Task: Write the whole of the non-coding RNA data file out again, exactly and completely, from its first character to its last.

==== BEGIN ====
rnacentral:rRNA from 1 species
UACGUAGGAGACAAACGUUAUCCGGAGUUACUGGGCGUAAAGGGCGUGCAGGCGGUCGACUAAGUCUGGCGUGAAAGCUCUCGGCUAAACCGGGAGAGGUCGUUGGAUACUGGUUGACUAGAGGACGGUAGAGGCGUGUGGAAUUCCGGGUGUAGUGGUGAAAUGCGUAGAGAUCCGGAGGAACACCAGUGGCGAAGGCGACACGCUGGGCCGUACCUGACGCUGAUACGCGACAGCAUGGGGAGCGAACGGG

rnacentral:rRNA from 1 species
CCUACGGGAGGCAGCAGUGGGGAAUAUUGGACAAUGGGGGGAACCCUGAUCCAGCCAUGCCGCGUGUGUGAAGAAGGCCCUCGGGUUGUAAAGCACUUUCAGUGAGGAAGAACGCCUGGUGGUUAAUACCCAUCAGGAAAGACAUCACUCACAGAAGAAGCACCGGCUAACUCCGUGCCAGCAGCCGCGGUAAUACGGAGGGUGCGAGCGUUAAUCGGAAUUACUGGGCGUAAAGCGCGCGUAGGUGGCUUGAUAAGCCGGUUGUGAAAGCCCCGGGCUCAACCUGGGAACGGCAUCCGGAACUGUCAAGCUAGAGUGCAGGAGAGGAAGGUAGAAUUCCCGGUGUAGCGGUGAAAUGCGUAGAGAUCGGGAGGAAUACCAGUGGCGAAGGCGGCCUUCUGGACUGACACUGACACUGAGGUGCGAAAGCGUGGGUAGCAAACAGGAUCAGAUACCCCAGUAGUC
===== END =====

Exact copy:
rnacentral:rRNA from 1 species
UACGUAGGAGACAAACGUUAUCCGGAGUUACUGGGCGUAAAGGGCGUGCAGGCGGUCGACUAAGUCUGGCGUGAAAGCUCUCGGCUAAACCGGGAGAGGUCGUUGGAUACUGGUUGACUAGAGGACGGUAGAGGCGUGUGGAAUUCCGGGUGUAGUGGUGAAAUGCGUAGAGAUCCGGAGGAACACCAGUGGCGAAGGCGACACGCUGGGCCGUACCUGACGCUGAUACGCGACAGCAUGGGGAGCGAACGGG

rnacentral:rRNA from 1 species
CCUACGGGAGGCAGCAGUGGGGAAUAUUGGACAAUGGGGGGAACCCUGAUCCAGCCAUGCCGCGUGUGUGAAGAAGGCCCUCGGGUUGUAAAGCACUUUCAGUGAGGAAGAACGCCUGGUGGUUAAUACCCAUCAGGAAAGACAUCACUCACAGAAGAAGCACCGGCUAACUCCGUGCCAGCAGCCGCGGUAAUACGGAGGGUGCGAGCGUUAAUCGGAAUUACUGGGCGUAAAGCGCGCGUAGGUGGCUUGAUAAGCCGGUUGUGAAAGCCCCGGGCUCAACCUGGGAACGGCAUCCGGAACUGUCAAGCUAGAGUGCAGGAGAGGAAGGUAGAAUUCCCGGUGUAGCGGUGAAAUGCGUAGAGAUCGGGAGGAAUACCAGUGGCGAAGGCGGCCUUCUGGACUGACACUGACACUGAGGUGCGAAAGCGUGGGUAGCAAACAGGAUCAGAUACCCCAGUAGUC